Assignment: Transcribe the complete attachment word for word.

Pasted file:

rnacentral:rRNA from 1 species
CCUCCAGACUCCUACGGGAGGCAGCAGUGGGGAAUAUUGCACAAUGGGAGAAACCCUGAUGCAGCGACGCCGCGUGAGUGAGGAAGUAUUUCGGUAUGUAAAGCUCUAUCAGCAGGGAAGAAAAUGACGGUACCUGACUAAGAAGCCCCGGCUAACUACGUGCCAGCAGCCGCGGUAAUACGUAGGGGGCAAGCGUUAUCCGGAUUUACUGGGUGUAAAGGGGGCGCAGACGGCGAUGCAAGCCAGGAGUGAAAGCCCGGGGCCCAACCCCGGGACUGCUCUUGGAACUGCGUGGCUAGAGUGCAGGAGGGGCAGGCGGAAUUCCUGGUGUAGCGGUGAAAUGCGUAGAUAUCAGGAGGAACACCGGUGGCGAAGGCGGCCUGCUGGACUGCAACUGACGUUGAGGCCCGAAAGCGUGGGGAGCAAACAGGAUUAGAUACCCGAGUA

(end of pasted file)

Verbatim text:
rnacentral:rRNA from 1 species
CCUCCAGACUCCUACGGGAGGCAGCAGUGGGGAAUAUUGCACAAUGGGAGAAACCCUGAUGCAGCGACGCCGCGUGAGUGAGGAAGUAUUUCGGUAUGUAAAGCUCUAUCAGCAGGGAAGAAAAUGACGGUACCUGACUAAGAAGCCCCGGCUAACUACGUGCCAGCAGCCGCGGUAAUACGUAGGGGGCAAGCGUUAUCCGGAUUUACUGGGUGUAAAGGGGGCGCAGACGGCGAUGCAAGCCAGGAGUGAAAGCCCGGGGCCCAACCCCGGGACUGCUCUUGGAACUGCGUGGCUAGAGUGCAGGAGGGGCAGGCGGAAUUCCUGGUGUAGCGGUGAAAUGCGUAGAUAUCAGGAGGAACACCGGUGGCGAAGGCGGCCUGCUGGACUGCAACUGACGUUGAGGCCCGAAAGCGUGGGGAGCAAACAGGAUUAGAUACCCGAGUA